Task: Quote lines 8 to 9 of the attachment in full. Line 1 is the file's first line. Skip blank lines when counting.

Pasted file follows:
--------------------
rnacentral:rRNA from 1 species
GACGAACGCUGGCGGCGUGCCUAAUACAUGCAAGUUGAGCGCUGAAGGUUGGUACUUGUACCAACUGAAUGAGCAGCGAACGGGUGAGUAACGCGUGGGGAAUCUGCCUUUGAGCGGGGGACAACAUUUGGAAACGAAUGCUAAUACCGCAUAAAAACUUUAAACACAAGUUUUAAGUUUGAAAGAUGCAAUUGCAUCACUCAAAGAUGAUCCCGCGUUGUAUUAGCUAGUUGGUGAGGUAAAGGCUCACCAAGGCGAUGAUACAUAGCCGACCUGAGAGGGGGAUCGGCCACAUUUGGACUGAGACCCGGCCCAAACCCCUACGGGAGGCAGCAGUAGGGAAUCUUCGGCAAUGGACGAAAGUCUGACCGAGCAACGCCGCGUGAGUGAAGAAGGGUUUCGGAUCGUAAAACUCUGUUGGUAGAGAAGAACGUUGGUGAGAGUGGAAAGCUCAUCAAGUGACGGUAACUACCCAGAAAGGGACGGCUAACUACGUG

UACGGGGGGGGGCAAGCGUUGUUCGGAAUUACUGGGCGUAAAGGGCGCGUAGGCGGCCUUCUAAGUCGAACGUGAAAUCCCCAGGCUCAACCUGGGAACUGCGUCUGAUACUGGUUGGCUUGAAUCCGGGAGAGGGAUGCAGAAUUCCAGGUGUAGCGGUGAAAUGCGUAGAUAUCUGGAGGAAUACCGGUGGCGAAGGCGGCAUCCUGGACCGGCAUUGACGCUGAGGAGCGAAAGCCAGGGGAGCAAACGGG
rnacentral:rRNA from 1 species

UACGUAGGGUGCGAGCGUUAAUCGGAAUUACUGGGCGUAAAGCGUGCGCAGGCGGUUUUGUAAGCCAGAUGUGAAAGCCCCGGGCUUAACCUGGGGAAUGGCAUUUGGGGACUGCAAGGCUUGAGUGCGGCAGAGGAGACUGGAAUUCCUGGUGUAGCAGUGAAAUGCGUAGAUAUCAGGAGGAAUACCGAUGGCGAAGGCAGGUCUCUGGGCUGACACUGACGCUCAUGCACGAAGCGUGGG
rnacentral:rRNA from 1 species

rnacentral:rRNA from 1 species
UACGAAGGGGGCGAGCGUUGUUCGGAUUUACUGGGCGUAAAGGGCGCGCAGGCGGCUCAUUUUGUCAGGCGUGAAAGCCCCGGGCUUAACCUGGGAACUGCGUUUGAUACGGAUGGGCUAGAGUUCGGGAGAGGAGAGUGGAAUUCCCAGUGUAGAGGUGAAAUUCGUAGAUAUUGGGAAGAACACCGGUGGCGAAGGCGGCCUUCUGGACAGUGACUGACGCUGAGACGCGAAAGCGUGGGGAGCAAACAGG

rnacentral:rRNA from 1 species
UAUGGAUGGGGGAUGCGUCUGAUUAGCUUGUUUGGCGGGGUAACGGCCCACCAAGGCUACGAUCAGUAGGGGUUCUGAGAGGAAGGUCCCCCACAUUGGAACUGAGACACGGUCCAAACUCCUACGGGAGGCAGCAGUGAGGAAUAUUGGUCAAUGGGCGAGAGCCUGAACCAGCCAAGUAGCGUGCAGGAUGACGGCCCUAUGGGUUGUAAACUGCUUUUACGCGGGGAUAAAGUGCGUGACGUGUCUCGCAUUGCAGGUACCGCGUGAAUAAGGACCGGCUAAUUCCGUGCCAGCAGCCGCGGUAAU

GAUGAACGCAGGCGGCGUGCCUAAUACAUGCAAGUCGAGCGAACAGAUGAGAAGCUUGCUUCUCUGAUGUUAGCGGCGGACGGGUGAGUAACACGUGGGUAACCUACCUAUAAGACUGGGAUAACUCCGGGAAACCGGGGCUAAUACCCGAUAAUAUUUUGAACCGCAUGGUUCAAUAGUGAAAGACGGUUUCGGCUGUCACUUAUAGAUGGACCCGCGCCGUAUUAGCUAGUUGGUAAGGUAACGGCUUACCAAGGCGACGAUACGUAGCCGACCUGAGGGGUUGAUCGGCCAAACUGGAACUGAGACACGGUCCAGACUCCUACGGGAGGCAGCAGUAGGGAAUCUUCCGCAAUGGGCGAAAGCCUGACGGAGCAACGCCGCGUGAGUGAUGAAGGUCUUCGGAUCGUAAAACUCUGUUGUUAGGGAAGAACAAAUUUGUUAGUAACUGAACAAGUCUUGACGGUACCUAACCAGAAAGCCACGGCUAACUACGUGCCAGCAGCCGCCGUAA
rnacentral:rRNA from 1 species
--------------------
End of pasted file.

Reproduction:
UACGAAGGGGGCGAGCGUUGUUCGGAUUUACUGGGCGUAAAGGGCGCGCAGGCGGCUCAUUUUGUCAGGCGUGAAAGCCCCGGGCUUAACCUGGGAACUGCGUUUGAUACGGAUGGGCUAGAGUUCGGGAGAGGAGAGUGGAAUUCCCAGUGUAGAGGUGAAAUUCGUAGAUAUUGGGAAGAACACCGGUGGCGAAGGCGGCCUUCUGGACAGUGACUGACGCUGAGACGCGAAAGCGUGGGGAGCAAACAGG

rnacentral:rRNA from 1 species